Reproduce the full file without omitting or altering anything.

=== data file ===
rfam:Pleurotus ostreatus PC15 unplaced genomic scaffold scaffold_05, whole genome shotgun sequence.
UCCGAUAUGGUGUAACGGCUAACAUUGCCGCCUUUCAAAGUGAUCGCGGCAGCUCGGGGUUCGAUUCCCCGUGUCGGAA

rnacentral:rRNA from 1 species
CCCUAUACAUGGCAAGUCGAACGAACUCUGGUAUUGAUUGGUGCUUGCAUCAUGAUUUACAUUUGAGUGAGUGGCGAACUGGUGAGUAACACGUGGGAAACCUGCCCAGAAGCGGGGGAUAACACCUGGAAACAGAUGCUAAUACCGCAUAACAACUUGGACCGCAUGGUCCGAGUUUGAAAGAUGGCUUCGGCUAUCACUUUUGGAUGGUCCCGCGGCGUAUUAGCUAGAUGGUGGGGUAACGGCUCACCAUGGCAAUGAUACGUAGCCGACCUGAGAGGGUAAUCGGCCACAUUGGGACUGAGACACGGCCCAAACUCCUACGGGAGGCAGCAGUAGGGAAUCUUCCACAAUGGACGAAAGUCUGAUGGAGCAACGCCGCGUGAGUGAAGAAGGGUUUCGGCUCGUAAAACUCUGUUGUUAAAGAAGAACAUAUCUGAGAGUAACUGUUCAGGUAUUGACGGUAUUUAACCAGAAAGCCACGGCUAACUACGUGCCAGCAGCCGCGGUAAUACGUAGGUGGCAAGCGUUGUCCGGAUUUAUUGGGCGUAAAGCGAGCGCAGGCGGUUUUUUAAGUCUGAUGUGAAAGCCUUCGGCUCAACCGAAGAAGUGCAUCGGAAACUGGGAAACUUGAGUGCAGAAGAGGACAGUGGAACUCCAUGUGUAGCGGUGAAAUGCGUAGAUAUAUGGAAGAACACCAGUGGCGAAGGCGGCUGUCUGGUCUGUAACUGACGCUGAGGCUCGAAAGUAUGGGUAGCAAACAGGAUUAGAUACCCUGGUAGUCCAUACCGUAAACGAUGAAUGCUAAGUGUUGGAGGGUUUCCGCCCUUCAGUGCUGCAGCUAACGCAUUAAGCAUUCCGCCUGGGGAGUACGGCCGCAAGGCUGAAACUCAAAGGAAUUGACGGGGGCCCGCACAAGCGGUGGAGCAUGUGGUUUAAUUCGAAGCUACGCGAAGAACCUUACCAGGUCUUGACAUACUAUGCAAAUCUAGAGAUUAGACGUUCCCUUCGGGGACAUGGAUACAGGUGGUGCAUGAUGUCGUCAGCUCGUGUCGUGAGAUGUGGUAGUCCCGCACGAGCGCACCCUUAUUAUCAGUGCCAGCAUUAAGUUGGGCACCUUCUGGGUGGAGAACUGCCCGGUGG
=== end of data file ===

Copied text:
rfam:Pleurotus ostreatus PC15 unplaced genomic scaffold scaffold_05, whole genome shotgun sequence.
UCCGAUAUGGUGUAACGGCUAACAUUGCCGCCUUUCAAAGUGAUCGCGGCAGCUCGGGGUUCGAUUCCCCGUGUCGGAA

rnacentral:rRNA from 1 species
CCCUAUACAUGGCAAGUCGAACGAACUCUGGUAUUGAUUGGUGCUUGCAUCAUGAUUUACAUUUGAGUGAGUGGCGAACUGGUGAGUAACACGUGGGAAACCUGCCCAGAAGCGGGGGAUAACACCUGGAAACAGAUGCUAAUACCGCAUAACAACUUGGACCGCAUGGUCCGAGUUUGAAAGAUGGCUUCGGCUAUCACUUUUGGAUGGUCCCGCGGCGUAUUAGCUAGAUGGUGGGGUAACGGCUCACCAUGGCAAUGAUACGUAGCCGACCUGAGAGGGUAAUCGGCCACAUUGGGACUGAGACACGGCCCAAACUCCUACGGGAGGCAGCAGUAGGGAAUCUUCCACAAUGGACGAAAGUCUGAUGGAGCAACGCCGCGUGAGUGAAGAAGGGUUUCGGCUCGUAAAACUCUGUUGUUAAAGAAGAACAUAUCUGAGAGUAACUGUUCAGGUAUUGACGGUAUUUAACCAGAAAGCCACGGCUAACUACGUGCCAGCAGCCGCGGUAAUACGUAGGUGGCAAGCGUUGUCCGGAUUUAUUGGGCGUAAAGCGAGCGCAGGCGGUUUUUUAAGUCUGAUGUGAAAGCCUUCGGCUCAACCGAAGAAGUGCAUCGGAAACUGGGAAACUUGAGUGCAGAAGAGGACAGUGGAACUCCAUGUGUAGCGGUGAAAUGCGUAGAUAUAUGGAAGAACACCAGUGGCGAAGGCGGCUGUCUGGUCUGUAACUGACGCUGAGGCUCGAAAGUAUGGGUAGCAAACAGGAUUAGAUACCCUGGUAGUCCAUACCGUAAACGAUGAAUGCUAAGUGUUGGAGGGUUUCCGCCCUUCAGUGCUGCAGCUAACGCAUUAAGCAUUCCGCCUGGGGAGUACGGCCGCAAGGCUGAAACUCAAAGGAAUUGACGGGGGCCCGCACAAGCGGUGGAGCAUGUGGUUUAAUUCGAAGCUACGCGAAGAACCUUACCAGGUCUUGACAUACUAUGCAAAUCUAGAGAUUAGACGUUCCCUUCGGGGACAUGGAUACAGGUGGUGCAUGAUGUCGUCAGCUCGUGUCGUGAGAUGUGGUAGUCCCGCACGAGCGCACCCUUAUUAUCAGUGCCAGCAUUAAGUUGGGCACCUUCUGGGUGGAGAACUGCCCGGUGG